A feast befitting the fast

A feast befitting the fast

A feast befitting the fast

attractive Easter eggs on display.

It’s Easter. A time to reinforce one’s faith and sow the seeds of fresh hope. The Christians in the City are gearing up for the Easter weekend. With the inception of nuclear families and children moving away to distant shores in pursuit of education and jobs, Easter only assumes more relevance.

After a 40-day lent fasting, it’s only fair that one celebrates not only the resurrection of Jesus Christ but the spirit of togetherness, which is sparse in these times.

The one thing that is inseparable from Easter is its elaborate menu. The feast befits the fast. A Hindu married to a Syrian Christian, Lalitha Menon’s home celebrates almost every Indian festival with great gusto and it is no different for Easter.

Lalitha thinks Easter is more relevant today, compared to the earlier times. “In the day of joint families, every meal was a celebration but it’s not the same anymore. I have to look for occasions to get the family together. And more often than not, it’s a festival that brings everybody together,” Lalitha told Metrolife.

A lot of planning goes into the celebrations and of course, the menu plays an important role. Lalitha has chalked out her menu for Easter. Being summer, she wishes to keep it light and cool. There’d be a cheese Quiche Roast or Grilled Chicken with sauteed vegetables accompanying it, a Chilled Chicken and Melon Salad with some Cinnamon puffs. For the Indian touch, there will be Fish Molly and bread. There’d be muffins and Lemon Tart for dessert. Easter, says Lalitha, is a time to reinforce one’s faith. “The miracle of life is the spirit and significance of Easter. In this day and age, when there are almost no miracles to be thankful for, Easter brings forth a feeling of thankfulness,” she adds.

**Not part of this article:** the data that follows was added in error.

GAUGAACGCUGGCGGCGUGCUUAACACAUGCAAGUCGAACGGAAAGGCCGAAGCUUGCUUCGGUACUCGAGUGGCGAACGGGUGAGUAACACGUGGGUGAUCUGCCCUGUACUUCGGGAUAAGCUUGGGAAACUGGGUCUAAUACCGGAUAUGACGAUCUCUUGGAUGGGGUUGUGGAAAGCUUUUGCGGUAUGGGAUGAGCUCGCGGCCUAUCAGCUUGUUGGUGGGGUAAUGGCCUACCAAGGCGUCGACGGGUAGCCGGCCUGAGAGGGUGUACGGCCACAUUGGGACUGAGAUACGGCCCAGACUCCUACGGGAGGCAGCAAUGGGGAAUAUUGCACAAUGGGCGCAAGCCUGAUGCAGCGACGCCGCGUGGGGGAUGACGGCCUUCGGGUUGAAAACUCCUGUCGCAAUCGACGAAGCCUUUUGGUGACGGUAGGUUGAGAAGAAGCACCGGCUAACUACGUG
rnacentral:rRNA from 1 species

Young parents Binu and Anu have three daughters — Rebekah, Suzzanah and Tamarah. The couple make sure that they spend time with their families and friends on Easter. After an early church service,

Binu and his family head out on visits and the day concludes with a barbecue at a friend’s place. “Easter must be spent with our family. My kids ask a lot of questions about Easter and its significance. They may be young but they know the basics of the festival. It’s important to tell our children what Easter is all about and pass on the tradition,” says Binu.

G Clairon, a retired professor, Indian Institute of Science has a large family. Come Easter and her family members, however scattered they may be, make it a point to come together.

“Festivals like Easter are a time for each member of the family to consciously set aside time to sit together, chat and thereby renew our family bonds around a scrumptious meal.”

Clairon’s family has a strong European influence and their Easter menu too slants the European way. “We have a lot of canapes and other finger foods which blend well with the colourful cocktails and mocktails. Pates, spreads, salads, roasts, smoked gammon... are all made at home with each of us contributing in some way or the other to putting the meal together,” she avers.

Easter is triumph of good over evil. It’s a time to repent and make a sincere efforts to turn away from one’s sins, observes Clairon, “it’s a time to extend the same spirit of love and forgiveness to all, irrespective of how different or imperfect they may seem in our sight,” she concludes.